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Zero Smelt

Mar 31, 2019

There have been just two delta smelt found after seven months of trawling surveys in the delta. Guess what? The canary in the coal mine died and the delta ecosystem is not crashing. But I'm not surprised "verge of collapse" continues to be used. This fearful phrase has a history of success. In 1992 the State Water Resources Control Board used it to take an annual 1.2 million acre-feet of water through the Central Valley Project Improvement Act. The delta was on the "verge of collapse" again in 1993 when 250,000 to 800,000 acre-feet was taken for salmon. In 1995 The CalFed Bay Delta Program took another 1.1 million acre-feet to, you guessed it, "save the delta from total collapse". Now we have the recently approved Bay Delta Water Quality Control (“State Water Grab"), and again the familiar urgent phrase. One water grab after another for the past 27 years has been legitimized on the basis of imminent emergency and given the green light to "save the delta from the verge of collapse". If something was on the verge of dying in 1992, and 27 years later it's still alive, was it ever really on the verge of collapse? And if it was, and is, and will be, how much water does it take to realize more water isn't the answer?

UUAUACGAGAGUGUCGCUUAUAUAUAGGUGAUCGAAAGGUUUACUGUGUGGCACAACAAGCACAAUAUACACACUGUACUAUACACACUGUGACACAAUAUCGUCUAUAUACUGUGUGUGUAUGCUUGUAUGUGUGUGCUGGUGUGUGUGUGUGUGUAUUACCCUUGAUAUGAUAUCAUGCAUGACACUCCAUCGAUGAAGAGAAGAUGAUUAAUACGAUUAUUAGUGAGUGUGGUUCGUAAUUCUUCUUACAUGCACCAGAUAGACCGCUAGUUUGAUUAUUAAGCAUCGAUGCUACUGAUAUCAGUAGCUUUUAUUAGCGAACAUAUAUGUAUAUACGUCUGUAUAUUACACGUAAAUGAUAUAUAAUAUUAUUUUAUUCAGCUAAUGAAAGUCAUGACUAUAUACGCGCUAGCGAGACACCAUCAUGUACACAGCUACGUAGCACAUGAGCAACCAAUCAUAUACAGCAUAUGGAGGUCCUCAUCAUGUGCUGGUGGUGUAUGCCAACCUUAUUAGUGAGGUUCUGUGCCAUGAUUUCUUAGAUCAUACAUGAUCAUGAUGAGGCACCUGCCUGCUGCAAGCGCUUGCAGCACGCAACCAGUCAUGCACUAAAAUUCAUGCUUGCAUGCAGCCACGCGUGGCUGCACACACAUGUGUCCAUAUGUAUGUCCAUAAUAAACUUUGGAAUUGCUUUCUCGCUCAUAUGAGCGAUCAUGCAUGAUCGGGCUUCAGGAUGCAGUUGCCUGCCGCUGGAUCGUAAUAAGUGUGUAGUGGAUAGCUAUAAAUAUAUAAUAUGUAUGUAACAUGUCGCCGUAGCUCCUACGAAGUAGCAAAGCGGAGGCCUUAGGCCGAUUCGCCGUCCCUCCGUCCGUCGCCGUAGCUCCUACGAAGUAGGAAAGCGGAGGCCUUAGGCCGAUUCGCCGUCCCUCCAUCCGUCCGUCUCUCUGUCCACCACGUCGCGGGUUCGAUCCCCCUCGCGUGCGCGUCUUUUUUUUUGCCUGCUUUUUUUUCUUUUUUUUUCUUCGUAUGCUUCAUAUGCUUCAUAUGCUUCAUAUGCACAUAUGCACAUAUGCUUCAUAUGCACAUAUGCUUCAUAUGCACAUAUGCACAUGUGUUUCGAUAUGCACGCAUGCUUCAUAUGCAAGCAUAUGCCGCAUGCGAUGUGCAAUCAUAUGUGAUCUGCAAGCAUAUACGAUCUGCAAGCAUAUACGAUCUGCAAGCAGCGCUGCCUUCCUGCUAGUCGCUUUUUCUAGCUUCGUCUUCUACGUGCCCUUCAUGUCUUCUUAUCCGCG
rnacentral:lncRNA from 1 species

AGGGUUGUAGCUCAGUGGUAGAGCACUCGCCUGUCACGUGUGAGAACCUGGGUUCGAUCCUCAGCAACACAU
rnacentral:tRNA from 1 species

Kristi Diener

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